Known to climbers as ‘Unshore Rock’ this is one of the many rock fins that can be found on the Culm Coast of North Cornwall. The rock is very friable and it is a miracle that these things last as long as they do, being the last remains, I guess, of little headlands.
Indeed, after this winter’s storms, I have never seen as much rockfall along this section of coast (just South of Northcott Mouth near Bude); nor have I seen the beach so denuded of sand. At Northcott it is normally possible to walk on sand to the sea but that is quite impossible at the moment, there is perhaps a seventy yard strip of exposed bedrock separating two sections of sand. Looking at markings on the rock I would guess that the beach has lost around two feet of sand in the last few weeks.
It’s a great spot no matter how much sand it has though, with some terrific rock architecture such as here, and I was pleased to capture these godbeams from the setting sun behind this great fin of rock.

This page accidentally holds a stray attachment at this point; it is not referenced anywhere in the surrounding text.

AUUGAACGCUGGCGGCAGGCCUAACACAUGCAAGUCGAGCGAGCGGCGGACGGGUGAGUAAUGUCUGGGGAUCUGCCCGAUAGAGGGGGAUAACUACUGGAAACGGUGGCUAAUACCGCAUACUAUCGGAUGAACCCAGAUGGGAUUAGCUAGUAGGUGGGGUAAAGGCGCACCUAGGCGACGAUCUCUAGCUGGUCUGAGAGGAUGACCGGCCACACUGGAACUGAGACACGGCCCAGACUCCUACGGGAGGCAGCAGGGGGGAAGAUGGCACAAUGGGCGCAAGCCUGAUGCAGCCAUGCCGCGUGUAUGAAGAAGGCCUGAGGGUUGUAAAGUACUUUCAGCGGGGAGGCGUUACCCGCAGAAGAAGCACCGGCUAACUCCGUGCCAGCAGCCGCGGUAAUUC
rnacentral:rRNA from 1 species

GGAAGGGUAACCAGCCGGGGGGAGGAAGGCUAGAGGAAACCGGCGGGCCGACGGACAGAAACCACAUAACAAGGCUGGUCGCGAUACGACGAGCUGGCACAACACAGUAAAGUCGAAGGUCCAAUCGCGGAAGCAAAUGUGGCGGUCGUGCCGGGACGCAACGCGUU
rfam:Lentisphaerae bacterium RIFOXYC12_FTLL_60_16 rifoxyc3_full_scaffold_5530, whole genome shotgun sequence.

Northcott Mouth, Bude, Cornwall, UK
Camera: Olympus E-M1
Lens: Olympus M 12-40 mm f/2.8
This image was generated from 5 shots (+/- 1ev) exposure fused with Enfuse. The 'before' image shows the central shot in the sequence. I did experiment with tone mapping an HDR merge in Photomatix but couldn't find a result that I liked. Even with the fused image I had to do a little luminosity masking to remove haloing around the fin. The resulting image just needed a little contrast boost and some LAB saturation to separate the colours in the rock a little better.